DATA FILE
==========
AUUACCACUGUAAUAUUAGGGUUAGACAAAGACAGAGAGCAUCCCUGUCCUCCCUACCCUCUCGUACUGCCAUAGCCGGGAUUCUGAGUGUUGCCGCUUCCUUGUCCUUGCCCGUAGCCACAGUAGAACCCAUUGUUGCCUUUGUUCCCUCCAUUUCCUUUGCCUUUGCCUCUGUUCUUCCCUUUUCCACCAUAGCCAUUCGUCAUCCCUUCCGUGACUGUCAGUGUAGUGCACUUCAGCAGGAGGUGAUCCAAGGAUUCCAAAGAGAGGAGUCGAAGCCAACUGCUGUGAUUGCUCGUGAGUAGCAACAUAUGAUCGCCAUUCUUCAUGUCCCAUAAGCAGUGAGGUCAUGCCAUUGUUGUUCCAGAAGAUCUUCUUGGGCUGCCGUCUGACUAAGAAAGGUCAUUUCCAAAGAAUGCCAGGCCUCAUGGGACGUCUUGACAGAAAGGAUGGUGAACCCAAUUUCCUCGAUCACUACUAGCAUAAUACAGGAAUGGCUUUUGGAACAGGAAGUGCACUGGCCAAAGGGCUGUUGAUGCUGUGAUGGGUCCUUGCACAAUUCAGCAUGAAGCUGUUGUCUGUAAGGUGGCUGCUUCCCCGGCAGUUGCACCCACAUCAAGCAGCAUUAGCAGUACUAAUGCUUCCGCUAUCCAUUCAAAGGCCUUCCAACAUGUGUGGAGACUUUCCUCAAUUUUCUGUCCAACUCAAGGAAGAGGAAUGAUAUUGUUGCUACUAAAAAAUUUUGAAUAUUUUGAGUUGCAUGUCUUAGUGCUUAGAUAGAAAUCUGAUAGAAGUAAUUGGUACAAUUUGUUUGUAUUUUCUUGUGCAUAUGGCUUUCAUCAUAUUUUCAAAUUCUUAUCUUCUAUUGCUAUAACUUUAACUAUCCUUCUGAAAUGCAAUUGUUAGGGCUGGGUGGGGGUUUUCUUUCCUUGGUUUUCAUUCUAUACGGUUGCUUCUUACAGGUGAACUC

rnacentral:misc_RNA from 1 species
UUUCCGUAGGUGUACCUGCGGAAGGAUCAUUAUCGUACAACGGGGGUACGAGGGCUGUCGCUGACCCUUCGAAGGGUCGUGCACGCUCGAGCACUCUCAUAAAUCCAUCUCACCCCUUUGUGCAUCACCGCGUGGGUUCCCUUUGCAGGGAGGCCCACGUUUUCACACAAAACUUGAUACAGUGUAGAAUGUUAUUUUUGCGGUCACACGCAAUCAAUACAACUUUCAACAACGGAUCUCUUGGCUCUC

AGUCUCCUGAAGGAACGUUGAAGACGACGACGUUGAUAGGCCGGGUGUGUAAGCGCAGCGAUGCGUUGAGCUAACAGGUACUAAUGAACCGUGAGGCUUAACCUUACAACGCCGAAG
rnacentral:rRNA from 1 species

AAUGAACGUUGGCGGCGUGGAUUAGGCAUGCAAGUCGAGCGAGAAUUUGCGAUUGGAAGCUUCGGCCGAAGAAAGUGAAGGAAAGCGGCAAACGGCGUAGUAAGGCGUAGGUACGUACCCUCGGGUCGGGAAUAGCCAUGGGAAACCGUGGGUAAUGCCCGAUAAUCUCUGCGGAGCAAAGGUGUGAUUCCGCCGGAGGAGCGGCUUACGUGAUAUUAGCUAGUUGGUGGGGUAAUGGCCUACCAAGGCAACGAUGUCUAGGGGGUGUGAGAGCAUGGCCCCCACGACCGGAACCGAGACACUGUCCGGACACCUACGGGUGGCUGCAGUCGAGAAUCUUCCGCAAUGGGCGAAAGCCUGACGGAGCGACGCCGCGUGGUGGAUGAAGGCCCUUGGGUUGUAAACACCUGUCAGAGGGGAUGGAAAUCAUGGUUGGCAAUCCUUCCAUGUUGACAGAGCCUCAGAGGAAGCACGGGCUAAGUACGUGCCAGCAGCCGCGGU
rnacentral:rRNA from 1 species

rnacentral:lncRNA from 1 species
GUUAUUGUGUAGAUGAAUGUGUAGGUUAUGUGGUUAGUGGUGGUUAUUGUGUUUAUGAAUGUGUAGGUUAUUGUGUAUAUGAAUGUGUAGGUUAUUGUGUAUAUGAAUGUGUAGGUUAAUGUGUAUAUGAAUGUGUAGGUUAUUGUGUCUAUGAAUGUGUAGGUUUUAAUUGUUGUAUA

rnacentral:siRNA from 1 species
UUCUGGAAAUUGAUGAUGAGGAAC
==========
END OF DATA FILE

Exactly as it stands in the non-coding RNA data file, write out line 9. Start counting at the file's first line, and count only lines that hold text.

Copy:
GUUAUUGUGUAGAUGAAUGUGUAGGUUAUGUGGUUAGUGGUGGUUAUUGUGUUUAUGAAUGUGUAGGUUAUUGUGUAUAUGAAUGUGUAGGUUAUUGUGUAUAUGAAUGUGUAGGUUAAUGUGUAUAUGAAUGUGUAGGUUAUUGUGUCUAUGAAUGUGUAGGUUUUAAUUGUUGUAUA